Carter has argued that Australian literature is as much the creation of Australian readers as it is of Australian writers. Our literature is the totality of the literature we experience, including imports and outside influences, high and low.

It is a powerful idea that I first encountered in the essay “Publishing, Patronage and Cultural Politics”, which Carter contributed to The Cambridge History of Australian Literature edited by the late Peter Pierce in 2009. It manifests here in an interest in all aspects of book production and literary circulation, including sales and accounts.

This history is many-faceted and holistic. In a chapter on publishing, Roger Osborne quotes Carter describing the Australian novel as a “commodity, industry, professional or aesthetic practice, ethical or pedagogical technology, leisure, entertainment, policy object and national space”.

This catch-all conception boils down to a grand definition: the novel in Australia is “a central cultural technology” that “insists on its storytelling power for a wide range of ethical, political and cultural issues, even where written within the bounds of a popular genre form”.

The description recognises the prestige of the novel, whether as bestseller or rarefied prizewinner, while implicitly accepting that everyone has a novel in them and anyone can write one.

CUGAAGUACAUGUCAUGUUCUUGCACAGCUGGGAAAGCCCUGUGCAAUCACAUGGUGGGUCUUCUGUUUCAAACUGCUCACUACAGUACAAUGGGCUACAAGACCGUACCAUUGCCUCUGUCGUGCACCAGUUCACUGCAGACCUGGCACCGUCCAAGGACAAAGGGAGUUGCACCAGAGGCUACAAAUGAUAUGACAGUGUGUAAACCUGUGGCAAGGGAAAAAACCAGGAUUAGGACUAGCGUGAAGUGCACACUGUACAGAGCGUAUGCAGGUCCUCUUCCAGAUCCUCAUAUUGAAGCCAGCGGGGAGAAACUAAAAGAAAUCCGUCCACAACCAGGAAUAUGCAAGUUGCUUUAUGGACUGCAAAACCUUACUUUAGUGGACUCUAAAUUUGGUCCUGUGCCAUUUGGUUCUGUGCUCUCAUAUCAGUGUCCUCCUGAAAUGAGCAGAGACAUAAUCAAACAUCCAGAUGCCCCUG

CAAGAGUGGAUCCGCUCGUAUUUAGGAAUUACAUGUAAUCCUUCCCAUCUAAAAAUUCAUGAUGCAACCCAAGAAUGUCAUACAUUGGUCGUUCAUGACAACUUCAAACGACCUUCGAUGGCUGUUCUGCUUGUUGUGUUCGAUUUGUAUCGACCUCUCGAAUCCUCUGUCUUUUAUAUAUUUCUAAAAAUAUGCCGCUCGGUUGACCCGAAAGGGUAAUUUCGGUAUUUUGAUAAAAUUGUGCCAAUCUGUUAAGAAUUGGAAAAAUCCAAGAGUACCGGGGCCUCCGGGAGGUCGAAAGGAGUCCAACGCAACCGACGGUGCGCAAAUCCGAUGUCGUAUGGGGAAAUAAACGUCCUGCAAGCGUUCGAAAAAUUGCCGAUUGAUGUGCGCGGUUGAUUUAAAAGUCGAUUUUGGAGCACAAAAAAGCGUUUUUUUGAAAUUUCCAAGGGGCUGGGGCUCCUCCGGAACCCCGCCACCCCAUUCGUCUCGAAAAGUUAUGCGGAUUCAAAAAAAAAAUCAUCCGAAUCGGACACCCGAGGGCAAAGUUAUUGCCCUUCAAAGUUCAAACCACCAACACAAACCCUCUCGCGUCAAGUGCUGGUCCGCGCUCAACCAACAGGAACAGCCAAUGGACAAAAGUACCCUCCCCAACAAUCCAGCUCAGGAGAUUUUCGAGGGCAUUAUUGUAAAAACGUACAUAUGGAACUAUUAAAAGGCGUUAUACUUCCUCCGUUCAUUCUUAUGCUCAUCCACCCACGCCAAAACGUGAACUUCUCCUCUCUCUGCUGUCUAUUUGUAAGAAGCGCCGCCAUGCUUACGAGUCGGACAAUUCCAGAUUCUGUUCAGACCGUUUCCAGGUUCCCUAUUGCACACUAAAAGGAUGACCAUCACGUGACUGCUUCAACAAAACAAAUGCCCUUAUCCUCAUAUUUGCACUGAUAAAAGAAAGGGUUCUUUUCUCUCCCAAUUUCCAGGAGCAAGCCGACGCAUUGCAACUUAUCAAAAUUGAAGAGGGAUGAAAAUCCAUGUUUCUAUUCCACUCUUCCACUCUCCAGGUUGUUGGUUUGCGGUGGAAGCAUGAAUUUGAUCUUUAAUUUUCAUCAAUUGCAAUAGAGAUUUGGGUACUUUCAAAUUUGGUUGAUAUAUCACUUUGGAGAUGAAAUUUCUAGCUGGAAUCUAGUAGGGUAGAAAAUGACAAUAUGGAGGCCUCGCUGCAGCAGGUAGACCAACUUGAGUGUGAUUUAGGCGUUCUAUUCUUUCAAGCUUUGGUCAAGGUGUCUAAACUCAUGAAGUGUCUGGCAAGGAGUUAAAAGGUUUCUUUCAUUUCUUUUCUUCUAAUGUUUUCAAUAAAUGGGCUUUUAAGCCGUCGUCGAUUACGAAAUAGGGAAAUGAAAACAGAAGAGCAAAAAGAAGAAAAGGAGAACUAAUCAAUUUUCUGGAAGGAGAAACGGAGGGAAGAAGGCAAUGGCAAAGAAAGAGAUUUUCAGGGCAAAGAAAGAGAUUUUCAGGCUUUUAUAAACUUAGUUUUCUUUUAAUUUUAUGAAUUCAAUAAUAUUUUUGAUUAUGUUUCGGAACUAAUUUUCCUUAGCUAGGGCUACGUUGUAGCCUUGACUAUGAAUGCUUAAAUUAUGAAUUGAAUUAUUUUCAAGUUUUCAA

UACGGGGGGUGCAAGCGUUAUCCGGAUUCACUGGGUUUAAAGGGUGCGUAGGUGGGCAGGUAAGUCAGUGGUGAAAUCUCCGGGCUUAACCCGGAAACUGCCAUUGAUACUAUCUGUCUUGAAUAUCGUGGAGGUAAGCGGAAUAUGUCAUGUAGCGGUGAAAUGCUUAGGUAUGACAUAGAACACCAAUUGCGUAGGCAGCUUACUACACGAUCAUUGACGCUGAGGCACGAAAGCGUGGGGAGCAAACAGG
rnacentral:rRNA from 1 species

Read more:
‘The Red Witch’: how communist writer, intellectual and activist Katharine Susannah Prichard helped shape Australia


Katherine Bode contributes to a chapter on how the meaning of the Australian novel is changed by the information now available in the AustLit database and To be continued: The Australian Newspaper Fiction Database. Her research shows we need “to look beyond the book” to media such as the periodical press that generated novels in episodic, ephemeral form to understand the grassroots development of fiction in 19th-century Australia.

We need to look beyond the cities for literary communities too, as Emily Potter and Brigid Magner argue in their chapter on the “regional novel”: they recognise that “the region as it creatively emerges is a co-production of writer and reader”.

Alexis Wright in 2007.
Dean Lewins/AAP

Missing pieces of the puzzle

Yet something like a canon lingers, to judge by the clusters of respectful mentions. After a handful of 19th-century novels, there are Henry Handel Richardson, Christina Stead, Patrick White, Randolph Stow, David Malouf and, soaring above them with nearly double the number of references in the index, the long-time-comer Alexis Wright.

There are omissions, including some of the best novels and novelists in my opinion. But that’s what happens. A puzzling virtual omission is Helen Garner, who has produced a string of successful novels in a career that has been a constant argument with fiction. Is she anathema to the academy? Or can no one find anything interesting to say about Australia’s great precursor of the autofiction that has swept the world?

At the other end of the time frame, Henry Lawson looks like another diminished figure, as Paul Eggert recalibrates the “nationalist myth of the 1890s”. There is not much place for short fiction in this history. Short story writers, from Mena Abdullah to Nam Le, don’t appear.